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by Paula Bernstein
January 10, 2014 4:42 PM
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5 Daily Tech Stories That Filmmakers (and Film Fans) Must Read: YouTube Nation, Crazy CES Gadgets and More

1. YouTube Nation:  YouTube and DreamWorks Animation are co-producing "YouTube Nation," an original program to air daily on YouTube, Variety reports. The show looks to be a daily highlight reel of what's trending on YouTube and could launch as early as the end of January.

2. "Little Feet:" Eric Kohn reviewed Alexandre Rockwell's film "Little Feet," calling it "the first great movie of 2014." While the film is playing at The Museum of the Moving Image’s “First Look” series, which runs from January 10 - 19, it will otherwise be available on Vimeo beginning in March. As Kohn writes, since Vimeo offered a special revenue-sharing deal involving a $10,000 advance for filmmakers who distribute their work on the platform, we have yet to see an effective case study of the approach working wonders. This could be the example we've been waiting for, as Kohn says the film "might not generate millions of dollars, but in the context of online-only releases, stands to perform decently when it hits Vimeo in March." Check out the trailer on SnagFilms.

3. WGA VideoGame Awards: The writers of "Assassin's Creed IV: Black Flag," "Batman: Arkham Origins," "God of War: Ascension," "The Last of Us" and "Lost Planet 3" have been nominated for videogame writing awards by the Writers Guild of America. Read more here.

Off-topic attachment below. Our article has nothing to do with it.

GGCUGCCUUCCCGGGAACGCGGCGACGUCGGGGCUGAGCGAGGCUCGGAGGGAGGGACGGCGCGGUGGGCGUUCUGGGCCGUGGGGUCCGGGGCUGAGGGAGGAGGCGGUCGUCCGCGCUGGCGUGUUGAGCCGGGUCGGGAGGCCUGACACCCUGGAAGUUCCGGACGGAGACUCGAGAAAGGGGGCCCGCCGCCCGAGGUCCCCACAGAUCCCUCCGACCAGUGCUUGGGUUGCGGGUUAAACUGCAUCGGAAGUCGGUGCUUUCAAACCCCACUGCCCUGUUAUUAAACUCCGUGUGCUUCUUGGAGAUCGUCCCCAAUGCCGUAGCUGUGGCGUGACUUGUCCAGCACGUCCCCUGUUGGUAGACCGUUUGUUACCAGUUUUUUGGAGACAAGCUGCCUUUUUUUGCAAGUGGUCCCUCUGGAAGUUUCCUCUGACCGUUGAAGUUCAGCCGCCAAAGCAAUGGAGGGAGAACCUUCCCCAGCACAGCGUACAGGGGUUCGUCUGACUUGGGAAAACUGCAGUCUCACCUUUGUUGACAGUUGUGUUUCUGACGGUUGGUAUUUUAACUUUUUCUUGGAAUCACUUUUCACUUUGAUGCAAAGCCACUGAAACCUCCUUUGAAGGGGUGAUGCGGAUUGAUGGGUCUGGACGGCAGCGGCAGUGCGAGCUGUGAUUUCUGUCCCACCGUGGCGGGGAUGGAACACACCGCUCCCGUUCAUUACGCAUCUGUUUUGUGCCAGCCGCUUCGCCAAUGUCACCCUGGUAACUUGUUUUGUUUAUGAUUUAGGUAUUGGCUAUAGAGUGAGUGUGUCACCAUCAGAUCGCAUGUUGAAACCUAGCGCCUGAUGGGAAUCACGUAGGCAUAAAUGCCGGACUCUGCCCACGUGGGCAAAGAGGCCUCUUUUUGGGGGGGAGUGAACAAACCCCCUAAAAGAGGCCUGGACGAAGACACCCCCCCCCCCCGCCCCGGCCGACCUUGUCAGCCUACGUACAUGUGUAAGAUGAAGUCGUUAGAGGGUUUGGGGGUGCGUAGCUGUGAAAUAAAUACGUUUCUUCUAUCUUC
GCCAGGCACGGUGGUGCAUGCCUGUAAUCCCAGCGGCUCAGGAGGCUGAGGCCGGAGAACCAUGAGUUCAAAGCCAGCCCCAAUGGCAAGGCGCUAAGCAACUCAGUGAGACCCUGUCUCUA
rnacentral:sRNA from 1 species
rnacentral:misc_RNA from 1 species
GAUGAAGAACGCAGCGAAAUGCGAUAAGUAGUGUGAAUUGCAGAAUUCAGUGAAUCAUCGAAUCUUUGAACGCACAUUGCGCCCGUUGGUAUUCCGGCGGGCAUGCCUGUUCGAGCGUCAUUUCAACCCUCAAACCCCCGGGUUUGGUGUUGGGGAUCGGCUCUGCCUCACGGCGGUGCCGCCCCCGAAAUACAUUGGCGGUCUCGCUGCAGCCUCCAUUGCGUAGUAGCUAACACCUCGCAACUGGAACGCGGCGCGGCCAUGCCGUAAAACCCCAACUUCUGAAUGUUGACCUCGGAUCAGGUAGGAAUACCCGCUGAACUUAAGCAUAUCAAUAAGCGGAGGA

4. Crazy Gadgets at CES 2014: We wrote about the 7 must-have filmmaking tools we discovered at CES 2014, but over the past few days at CES 2014, we've seen countless other cool gizmos intended to entertain and/or make your life easier, including smart watches, wireless speakers and lots of snazzy cell phone cases. Check out the craziest, coolest gadgets from this year's CES here.

5. Aereo Goes to Supreme Court: The future of streaming television could be determined this spring when the Supreme Court will hear the dispute over Aereo, the startup which allows users to use an antenna to access over-the-air television. Broadcasters are hoping to quash the service, which they believe violates their copyrights. "We remain unwavering in our confidence that Aereo’s technology falls squarely within the law and our team will continue to work hard to provide our consumers with best-in-class technology that delights and adds meaningful value to their lives," said Aereo in a statement.

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